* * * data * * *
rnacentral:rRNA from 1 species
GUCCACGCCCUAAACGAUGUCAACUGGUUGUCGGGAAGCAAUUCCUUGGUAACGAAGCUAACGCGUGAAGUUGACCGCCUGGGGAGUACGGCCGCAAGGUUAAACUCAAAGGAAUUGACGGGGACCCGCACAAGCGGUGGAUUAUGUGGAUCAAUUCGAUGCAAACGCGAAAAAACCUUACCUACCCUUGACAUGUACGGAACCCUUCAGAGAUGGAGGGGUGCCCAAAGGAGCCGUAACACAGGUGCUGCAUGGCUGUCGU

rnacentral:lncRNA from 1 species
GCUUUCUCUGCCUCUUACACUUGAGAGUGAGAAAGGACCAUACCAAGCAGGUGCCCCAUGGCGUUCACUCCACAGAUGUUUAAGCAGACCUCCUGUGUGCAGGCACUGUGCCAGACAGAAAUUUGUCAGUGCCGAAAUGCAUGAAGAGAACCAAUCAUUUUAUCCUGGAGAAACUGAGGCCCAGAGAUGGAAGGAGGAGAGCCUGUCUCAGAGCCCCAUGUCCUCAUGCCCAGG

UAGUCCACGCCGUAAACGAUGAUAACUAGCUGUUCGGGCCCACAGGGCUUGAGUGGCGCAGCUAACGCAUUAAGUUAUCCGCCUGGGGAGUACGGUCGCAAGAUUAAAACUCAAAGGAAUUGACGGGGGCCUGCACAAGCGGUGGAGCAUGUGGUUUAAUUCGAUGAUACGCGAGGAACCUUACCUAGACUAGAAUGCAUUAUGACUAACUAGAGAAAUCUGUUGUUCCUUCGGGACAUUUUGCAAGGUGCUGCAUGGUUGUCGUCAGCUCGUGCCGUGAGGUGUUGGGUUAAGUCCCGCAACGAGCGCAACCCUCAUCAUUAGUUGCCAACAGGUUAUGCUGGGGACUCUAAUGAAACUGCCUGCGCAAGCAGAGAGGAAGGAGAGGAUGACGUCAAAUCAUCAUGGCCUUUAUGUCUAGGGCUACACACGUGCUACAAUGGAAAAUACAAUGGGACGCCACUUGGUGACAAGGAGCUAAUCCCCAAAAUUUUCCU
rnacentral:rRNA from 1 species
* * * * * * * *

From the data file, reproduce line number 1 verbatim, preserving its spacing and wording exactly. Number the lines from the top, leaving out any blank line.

rnacentral:rRNA from 1 species